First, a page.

We've been fortunate with a mild Winter, here in the Northeast. Today was a "balmy" 50, but the next two days we're to receive a reminder of what season we're in with a blast from the frozen north. So, with that in mind I've summoned together what onion varieties I have and made a nice pot of Onion Soup to serve to friends, warm the house and feed my soul.
Cooking has a way of making everything alright with me. It allows me to concentrate and forget the outside world for a little while and bring everything back to order. Here's wishing you all a year filled with dreams that come true, the best in health, happiness, love and of course success with everything that comes out of your kitchen.

French Onion Soup

2 Tbl. Butter, unsalted
5 Yellow Onions, large; ¼” sliced
2 Large Red Onions, ¼” sliced
3 tsp. All Purpose Flour
¼ tsp. Sugar (optional)
4 Leeks, white and tender light green portions,
   ¼ sliced
2 Garlic cloves, peeled and finely minced
1 Bay leaf
3 - 4” Thyme sprigs, fresh; leaves removed
½ Cup Dry Sherry*
8 Cups Beef stock
Salt and freshly ground Black Pepper, to taste
12 baguette slices, each sliced ½thick
¼ Cup Extra Virgin Olive Oil, for brushing
1 Garlic clove, peeled
1½ Cup Gruyère, Jarlsberg or Swiss cheese (or combination)**, shredded

In a large, heavy-bottomed soup pot or Dutch oven over medium low heat, melt the butter until it foams. Add the onions and leeks, a pinch of salt, sprinkle in the flour and sauté, stirring occasionally, until wilted, about 15 minutes. Add the garlic, bay leaf, thyme, and sugar (if using) and continue cooking, stirring frequently, until richly colored and caramelized, 45 minutes to 1 hour. (You may need to increase the heat to medium to add some color at the end.) If the onions begin to “stick” to the bottom, simply deglaze with ¼ cup of water and scrape the bottom clean with a wooden spoon.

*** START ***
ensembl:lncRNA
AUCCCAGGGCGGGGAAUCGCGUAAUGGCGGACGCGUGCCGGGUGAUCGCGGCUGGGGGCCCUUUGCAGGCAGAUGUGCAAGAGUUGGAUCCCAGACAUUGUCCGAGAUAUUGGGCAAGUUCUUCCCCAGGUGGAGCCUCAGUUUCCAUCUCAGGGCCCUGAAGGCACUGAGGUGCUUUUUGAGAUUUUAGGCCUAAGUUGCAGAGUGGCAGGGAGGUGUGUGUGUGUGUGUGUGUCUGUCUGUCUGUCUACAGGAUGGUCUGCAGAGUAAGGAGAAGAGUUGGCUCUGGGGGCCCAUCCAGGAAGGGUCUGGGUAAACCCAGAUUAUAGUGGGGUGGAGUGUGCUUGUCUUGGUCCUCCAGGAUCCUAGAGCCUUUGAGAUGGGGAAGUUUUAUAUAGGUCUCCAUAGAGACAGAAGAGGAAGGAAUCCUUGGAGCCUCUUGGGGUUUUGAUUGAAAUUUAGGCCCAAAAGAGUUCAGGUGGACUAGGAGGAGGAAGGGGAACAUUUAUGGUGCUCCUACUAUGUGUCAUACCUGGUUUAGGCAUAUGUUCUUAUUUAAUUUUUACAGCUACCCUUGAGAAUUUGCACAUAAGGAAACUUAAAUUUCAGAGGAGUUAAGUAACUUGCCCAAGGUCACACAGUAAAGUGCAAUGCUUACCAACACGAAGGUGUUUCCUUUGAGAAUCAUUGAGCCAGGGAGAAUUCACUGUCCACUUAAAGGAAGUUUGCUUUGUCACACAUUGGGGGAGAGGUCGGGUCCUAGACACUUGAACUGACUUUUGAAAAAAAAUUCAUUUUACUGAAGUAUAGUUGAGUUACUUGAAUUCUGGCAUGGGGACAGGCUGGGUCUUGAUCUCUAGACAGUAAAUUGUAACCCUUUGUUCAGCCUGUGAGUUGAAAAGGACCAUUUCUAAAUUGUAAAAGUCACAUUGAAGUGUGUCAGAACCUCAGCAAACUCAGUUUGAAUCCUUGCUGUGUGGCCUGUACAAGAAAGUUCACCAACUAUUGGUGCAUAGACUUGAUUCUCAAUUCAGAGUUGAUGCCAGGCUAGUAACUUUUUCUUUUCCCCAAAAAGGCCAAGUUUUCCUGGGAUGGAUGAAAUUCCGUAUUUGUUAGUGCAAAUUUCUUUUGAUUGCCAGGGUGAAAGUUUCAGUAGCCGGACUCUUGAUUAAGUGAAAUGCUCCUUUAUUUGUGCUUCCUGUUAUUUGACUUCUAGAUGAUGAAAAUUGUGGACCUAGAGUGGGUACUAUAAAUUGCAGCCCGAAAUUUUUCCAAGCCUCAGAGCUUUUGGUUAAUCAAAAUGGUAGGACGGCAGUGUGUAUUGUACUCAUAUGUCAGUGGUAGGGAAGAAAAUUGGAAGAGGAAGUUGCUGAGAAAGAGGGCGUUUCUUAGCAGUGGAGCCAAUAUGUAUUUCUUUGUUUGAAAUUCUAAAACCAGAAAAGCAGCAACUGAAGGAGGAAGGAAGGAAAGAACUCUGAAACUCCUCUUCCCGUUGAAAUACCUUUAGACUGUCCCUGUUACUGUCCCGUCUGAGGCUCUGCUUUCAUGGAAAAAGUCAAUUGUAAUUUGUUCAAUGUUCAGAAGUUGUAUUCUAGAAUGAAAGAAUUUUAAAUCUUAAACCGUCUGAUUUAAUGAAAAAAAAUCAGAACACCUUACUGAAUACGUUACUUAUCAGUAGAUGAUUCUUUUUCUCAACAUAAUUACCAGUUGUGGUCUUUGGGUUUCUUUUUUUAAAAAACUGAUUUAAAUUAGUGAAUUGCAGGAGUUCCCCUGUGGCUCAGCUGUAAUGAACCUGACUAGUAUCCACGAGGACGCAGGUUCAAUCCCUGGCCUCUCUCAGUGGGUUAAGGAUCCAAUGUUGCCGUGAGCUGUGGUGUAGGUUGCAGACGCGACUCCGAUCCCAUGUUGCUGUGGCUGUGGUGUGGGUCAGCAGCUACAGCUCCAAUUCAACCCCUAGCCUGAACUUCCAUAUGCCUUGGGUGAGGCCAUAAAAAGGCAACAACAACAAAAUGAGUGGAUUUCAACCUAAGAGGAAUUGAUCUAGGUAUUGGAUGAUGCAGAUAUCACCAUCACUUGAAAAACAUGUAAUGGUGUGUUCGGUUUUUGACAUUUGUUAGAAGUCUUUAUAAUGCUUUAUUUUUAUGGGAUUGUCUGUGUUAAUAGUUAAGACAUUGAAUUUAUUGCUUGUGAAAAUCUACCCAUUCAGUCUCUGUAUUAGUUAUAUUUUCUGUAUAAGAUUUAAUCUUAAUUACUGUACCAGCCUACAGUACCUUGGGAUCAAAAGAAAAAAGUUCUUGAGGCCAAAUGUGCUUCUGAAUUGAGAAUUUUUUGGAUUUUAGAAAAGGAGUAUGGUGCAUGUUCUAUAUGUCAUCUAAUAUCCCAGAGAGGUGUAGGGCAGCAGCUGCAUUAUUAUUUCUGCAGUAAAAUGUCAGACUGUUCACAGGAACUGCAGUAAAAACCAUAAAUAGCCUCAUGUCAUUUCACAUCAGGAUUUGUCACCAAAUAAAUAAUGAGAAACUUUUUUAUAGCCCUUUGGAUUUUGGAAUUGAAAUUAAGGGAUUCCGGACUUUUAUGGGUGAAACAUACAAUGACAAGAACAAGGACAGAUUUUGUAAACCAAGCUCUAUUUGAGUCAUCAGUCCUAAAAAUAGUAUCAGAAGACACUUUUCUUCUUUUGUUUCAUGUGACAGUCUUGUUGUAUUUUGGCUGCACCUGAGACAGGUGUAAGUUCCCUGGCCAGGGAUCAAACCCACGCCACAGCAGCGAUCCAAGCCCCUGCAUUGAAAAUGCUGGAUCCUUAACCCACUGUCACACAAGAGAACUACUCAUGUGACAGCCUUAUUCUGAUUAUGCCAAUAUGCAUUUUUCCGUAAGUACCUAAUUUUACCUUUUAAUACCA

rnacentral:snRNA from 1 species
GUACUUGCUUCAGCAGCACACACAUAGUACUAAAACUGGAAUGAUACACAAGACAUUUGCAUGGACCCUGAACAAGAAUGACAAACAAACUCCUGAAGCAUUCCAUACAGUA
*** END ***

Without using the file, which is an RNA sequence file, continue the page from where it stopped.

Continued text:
Wilting the onions and leeks

Once you’ve reached a rich, caramel color, add the sherry and stock. Cover partially and simmer until the flavors are well blended, about 30 minutes more. Season with salt and pepper to taste. Remove and discard the bay leaf.
Richly caramelized. Perfect also for a steak or hamburger!

Preheat oven to 400°F. Place the baguette slices on a cookie sheet, brush lightly with olive oil and toast in the oven for 5-7 minutes or until golden and lightly toasted. Rub each slice lightly with the raw garlic clove. Set aside.
A few choice cheeses to melt and anoint over the croutons.

To serve, preheat the broiler. Ladle the soup into individual oven-proof soup bowls. Place 2 or 3 slices of bread on top of each bowl and mound with cheese. Slide under the broiler about 6” from the element. Broil until the cheese is bubbly and lightly browned, 3 to 4 minutes. Serve immediately. Serves 4 to 6.
An abundance of warm and comforting richness.

*May use a dry white or red wine.
**For a change I like to mix in Stilton, Gorgonzola, Pecorino Romano or a French Bleu, whatever is in the refrigerator.